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This is how our new mattress came -- all rolled up and compact!

This is how our new mattress came in the mail– all rolled up and compressed!

Little Girl is five. Up until last week she was still sleeping in a toddler bed. We ordered her made in the U.S.A. furniture from a local store, but were unsure what to do about a mattress. After all, we spend about a third of our lives lying on our mattresses. While we’re asleep we’re not just catching Zs, we’re also breathing in any fumes that seep out. And plenty of fumes are seeping out. MotherJones.com published a great story about what may be lurking in your mattress. I recommend giving it a read, but here’s a quick excerpt:

“Since the mid- to late ’60s, most mattresses have been made of polyurethane foam, a petroleum-based material that emits volatile organic compounds that can cause respiratory problems and skin irritation. Formaldehyde, which is used to make one of the adhesives that hold mattresses together, has been linked to asthma, allergies, and lung, nose, and throat cancers. And then there are cotton pesticides and flame-retardant chemicals, which can cause cancer and nervous-system disorders…A memory-foam model was found to emit 61 chemicals, including the carcinogens benzene and naphthalene.”

There’s plenty more in the article. Ugh. And more ugh. I didn’t want my little one to be breathing in that crap, but I did want her to be comfortable. (She says our memory foam mattress is a “magic bed” because it makes her fall right to sleep.) We did lots of research and decided we were going with a custom-made Dreamfoam bed that’s made right here in the States. It took several weeks to get here because they actually build it from scratch when you order it. The mattress is made of pure latex and comes with a wool and bamboo cover. The memory foam part of it is made of soy — it is not petroleum-based like traditional memory foam mattresses.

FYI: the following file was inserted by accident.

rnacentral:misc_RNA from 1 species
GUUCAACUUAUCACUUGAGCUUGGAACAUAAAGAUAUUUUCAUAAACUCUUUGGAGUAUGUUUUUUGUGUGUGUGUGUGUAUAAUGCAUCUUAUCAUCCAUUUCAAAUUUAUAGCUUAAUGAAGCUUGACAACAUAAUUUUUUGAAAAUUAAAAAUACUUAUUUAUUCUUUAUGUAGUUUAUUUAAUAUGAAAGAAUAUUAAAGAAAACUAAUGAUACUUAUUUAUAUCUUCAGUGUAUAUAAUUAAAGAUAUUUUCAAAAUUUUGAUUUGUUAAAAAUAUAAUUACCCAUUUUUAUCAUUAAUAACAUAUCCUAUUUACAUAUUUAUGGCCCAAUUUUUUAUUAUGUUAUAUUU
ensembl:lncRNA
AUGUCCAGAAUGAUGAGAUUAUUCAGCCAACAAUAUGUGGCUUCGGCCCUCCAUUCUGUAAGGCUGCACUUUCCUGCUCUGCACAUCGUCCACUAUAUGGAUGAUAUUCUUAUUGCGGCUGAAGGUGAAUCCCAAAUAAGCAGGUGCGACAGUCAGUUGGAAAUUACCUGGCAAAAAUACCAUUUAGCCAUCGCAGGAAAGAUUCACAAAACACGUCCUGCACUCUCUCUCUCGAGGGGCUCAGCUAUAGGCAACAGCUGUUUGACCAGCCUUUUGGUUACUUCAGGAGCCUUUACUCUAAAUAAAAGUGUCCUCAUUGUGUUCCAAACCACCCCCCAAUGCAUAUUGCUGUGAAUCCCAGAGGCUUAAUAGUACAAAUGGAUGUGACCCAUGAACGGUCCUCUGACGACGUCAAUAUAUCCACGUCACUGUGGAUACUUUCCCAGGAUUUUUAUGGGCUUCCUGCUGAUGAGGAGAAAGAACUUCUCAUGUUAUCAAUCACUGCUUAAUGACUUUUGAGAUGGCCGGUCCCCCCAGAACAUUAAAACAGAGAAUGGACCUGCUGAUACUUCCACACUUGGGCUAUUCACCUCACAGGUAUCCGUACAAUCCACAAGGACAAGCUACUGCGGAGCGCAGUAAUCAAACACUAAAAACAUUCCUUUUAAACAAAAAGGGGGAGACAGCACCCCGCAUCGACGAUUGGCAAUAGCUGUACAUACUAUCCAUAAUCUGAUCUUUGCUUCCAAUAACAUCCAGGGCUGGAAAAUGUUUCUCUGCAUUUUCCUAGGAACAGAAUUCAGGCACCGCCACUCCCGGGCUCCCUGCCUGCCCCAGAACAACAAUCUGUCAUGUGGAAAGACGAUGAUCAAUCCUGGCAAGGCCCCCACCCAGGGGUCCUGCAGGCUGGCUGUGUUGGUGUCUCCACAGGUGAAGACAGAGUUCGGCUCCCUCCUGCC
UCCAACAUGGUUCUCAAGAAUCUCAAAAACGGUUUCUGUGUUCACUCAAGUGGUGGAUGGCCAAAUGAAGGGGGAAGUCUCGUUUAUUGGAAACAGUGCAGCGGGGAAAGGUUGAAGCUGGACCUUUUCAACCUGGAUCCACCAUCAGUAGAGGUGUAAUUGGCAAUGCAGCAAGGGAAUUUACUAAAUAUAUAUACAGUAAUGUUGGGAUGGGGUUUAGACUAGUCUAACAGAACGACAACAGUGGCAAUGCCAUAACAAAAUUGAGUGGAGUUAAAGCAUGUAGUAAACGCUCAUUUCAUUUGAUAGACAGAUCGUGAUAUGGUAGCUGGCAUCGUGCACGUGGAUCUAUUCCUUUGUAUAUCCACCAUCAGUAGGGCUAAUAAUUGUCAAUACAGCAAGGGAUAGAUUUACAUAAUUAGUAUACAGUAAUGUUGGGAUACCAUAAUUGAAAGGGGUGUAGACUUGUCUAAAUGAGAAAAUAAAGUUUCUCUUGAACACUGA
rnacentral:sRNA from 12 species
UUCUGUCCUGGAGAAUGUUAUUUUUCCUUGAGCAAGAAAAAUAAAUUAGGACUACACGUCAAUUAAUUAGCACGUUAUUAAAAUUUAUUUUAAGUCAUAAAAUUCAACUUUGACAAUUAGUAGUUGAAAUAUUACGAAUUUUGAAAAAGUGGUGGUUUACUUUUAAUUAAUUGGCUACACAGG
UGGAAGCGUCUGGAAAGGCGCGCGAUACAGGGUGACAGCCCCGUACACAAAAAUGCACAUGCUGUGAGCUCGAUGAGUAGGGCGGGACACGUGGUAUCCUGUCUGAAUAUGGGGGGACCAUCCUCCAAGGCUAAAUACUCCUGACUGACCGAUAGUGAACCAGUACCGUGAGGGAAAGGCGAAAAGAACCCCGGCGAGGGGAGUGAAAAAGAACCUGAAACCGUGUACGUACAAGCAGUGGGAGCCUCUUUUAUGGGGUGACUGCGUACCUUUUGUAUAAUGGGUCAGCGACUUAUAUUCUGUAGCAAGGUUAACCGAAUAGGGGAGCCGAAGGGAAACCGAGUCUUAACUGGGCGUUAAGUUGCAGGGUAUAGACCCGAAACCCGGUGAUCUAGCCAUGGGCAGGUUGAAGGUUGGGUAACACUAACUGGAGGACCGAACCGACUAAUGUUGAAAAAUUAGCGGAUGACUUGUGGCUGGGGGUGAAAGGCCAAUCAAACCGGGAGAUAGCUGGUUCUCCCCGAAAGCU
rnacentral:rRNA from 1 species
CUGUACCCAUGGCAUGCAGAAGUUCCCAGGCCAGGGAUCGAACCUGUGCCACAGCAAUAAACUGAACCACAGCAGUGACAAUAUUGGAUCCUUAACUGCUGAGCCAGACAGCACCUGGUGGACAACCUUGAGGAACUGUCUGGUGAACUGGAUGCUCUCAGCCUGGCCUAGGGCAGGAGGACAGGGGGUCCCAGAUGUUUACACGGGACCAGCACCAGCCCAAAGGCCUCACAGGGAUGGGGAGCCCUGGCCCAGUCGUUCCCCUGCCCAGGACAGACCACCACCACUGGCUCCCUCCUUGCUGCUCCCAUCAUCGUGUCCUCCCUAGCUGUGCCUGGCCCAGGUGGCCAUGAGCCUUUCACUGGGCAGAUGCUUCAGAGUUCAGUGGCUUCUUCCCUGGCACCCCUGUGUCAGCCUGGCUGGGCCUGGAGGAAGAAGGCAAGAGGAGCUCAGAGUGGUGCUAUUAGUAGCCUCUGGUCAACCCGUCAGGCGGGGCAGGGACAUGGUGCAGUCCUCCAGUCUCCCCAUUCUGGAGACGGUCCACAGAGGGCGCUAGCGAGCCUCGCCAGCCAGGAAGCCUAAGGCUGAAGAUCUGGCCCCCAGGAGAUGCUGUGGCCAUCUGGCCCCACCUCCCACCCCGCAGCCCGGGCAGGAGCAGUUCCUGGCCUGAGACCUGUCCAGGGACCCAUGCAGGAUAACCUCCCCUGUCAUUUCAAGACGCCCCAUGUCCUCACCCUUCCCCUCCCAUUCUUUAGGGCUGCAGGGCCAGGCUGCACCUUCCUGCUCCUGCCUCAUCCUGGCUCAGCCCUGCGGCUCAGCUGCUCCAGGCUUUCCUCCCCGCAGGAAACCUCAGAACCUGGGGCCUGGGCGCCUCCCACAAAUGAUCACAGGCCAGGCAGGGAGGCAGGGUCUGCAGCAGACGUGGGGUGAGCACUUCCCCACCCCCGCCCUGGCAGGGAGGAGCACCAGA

It arrived vacuum-sealed all rolled up in a box. We opened it up and within a few hours it had expanded to its ten-inch size. Since the new bed has slats that are very close together we didn’t need a box spring or a bunky board. We just tossed the new mattress on top of the slats, and pulled the sheets on.

First impressions: It doesn’t feel exactly like our traditional memory foam mattress, but — I found out later — that’s because my husband ordered an 8 on the softness scale. (The company asks you to customize your softness on a scale of 1 to ten with ten being the softest.) Still, my little one LOVES it. My husband said it’s exactly what he would order if he was buying something for us. If I was sleeping on it, I’d want it to be firmer but if she is happy, I am happy. The best part? No smell at all. At all. Our memory foam mattress stunk for months as it off-gassed. It still smells if your nose is close to it when the mattress pad and sheets are off.

Of course, once Big Girl spent a little time reading on the new bed she made it a point of telling us how her mattress squeaks and isn’t a BIT as comfortable as her little sister’s. Her mattress is about seven years old at this point. It’s probably time to get her a new one, too.

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